Jojoba as an Oil
The jojoba plant produces a substance which is more reminiscent of wax than oil. Although it is commonly referred to as jojoba oil, some aromatherapists refer to it simply as jojoba or jojoba wax; whatever you call it, it is all the same product. A point to note on pronunciation: Ho-ho-ba.
The seeds of the jojoba plant are crushed to obtain jojoba oil. Jojoba oil is commonly used as a carrier oil in aromatherapy for essential oils, although it does possess therapeutic properties of its own; it maintains a long shelf life and its chemical make-up changes little even in extreme temperatures of hot or cold. If it becomes solid, leave it standing at room temperature, and you will notice it change back to liquid form naturally as it warms up.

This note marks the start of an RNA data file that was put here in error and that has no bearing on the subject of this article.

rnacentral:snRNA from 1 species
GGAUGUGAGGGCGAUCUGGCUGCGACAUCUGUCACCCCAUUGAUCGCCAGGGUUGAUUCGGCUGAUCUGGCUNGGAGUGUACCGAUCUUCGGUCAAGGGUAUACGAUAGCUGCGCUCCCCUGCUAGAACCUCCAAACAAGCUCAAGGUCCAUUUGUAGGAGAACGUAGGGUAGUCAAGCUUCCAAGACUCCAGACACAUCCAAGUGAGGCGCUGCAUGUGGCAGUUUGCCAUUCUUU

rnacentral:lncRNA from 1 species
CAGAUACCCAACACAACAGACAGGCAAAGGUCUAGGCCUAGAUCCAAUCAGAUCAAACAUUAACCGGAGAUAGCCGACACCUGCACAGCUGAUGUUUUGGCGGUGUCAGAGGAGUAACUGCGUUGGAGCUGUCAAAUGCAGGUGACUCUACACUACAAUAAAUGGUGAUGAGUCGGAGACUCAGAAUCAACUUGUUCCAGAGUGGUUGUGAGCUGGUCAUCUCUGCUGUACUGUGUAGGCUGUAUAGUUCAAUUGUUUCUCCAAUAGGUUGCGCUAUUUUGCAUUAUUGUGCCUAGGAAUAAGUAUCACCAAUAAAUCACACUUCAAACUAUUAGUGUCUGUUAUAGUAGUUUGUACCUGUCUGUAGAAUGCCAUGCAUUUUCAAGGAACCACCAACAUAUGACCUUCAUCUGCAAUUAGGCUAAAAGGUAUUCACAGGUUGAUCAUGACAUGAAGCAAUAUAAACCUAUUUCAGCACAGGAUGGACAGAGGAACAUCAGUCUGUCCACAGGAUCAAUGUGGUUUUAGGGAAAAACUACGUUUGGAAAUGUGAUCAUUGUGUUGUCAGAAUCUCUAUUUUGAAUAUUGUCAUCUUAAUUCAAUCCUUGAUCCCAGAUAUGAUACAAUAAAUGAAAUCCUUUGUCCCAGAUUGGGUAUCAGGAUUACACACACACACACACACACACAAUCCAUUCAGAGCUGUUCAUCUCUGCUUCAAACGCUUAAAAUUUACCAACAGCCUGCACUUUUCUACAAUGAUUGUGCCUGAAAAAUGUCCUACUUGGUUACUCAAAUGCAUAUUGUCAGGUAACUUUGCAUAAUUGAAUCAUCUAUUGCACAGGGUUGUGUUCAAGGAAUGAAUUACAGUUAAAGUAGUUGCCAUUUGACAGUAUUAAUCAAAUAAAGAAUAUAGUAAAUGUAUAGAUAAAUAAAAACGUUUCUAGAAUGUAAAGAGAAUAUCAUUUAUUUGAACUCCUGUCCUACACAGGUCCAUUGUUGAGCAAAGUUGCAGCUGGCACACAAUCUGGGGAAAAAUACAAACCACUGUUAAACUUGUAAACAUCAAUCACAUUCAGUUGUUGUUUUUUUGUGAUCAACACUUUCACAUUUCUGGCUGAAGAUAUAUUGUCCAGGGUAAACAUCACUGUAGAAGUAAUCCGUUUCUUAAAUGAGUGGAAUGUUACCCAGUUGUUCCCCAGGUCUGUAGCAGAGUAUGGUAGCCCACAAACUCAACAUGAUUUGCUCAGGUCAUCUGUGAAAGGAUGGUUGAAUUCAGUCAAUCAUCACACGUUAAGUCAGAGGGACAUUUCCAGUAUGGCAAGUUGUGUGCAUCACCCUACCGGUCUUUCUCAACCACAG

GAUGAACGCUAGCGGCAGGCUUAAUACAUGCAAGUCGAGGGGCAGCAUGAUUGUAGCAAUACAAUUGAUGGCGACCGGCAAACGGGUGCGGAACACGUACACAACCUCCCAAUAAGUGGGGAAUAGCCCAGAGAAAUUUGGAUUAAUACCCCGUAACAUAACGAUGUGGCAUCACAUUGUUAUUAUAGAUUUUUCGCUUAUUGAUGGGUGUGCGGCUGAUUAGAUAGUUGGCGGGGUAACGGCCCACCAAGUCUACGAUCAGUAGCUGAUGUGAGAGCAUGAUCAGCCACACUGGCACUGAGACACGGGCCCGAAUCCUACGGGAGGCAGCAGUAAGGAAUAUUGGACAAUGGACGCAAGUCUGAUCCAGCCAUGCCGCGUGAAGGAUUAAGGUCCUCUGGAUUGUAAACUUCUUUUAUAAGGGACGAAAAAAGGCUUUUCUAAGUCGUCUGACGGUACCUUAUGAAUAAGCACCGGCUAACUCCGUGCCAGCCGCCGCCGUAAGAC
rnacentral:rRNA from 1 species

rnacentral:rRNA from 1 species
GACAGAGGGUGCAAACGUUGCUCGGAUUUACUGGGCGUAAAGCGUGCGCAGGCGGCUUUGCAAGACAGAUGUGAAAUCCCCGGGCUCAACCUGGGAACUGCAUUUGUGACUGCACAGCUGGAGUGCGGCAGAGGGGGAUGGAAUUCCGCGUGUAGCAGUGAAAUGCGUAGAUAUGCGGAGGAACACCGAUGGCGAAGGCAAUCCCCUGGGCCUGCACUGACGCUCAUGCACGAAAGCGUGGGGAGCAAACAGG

Chemical constituents of jojoba include saturated fatty acids (palmitic acid, stearic acid, and arachidic acid), monosaturated fatty acids (oleic acid, palmitoleic acid), polyunsaturated fatty acids (linoleic acid, linolenic acid), and some fatty alcohol (docosanol, elcosanol, tetracosanol, octadecanol). It is one of the most stable and easily absorbed oils.
Aromatherapy Use of Jojoba
Today, jojoba is popular in the hair and skin care industry, particularly in the United States. Therapeutically speaking, jojoba oil is useful in the treatment of psoriasis, eczema, sun burn, skin care and in arthritis and rheumatism (due to the anti-inflammatory action of myristic acid in its make-up).1
Jojoba is used as a base oil for skin care and massage oils, as an ingredient in lotions, creams, and balms, as a natural perfume base (either as a roll-on or as part of a solid perfume base), and it is great to use with all age groups.
My motto, as an aromatherapist, is (when deciding which carrier oil to use), “If in doubt, use jojoba!”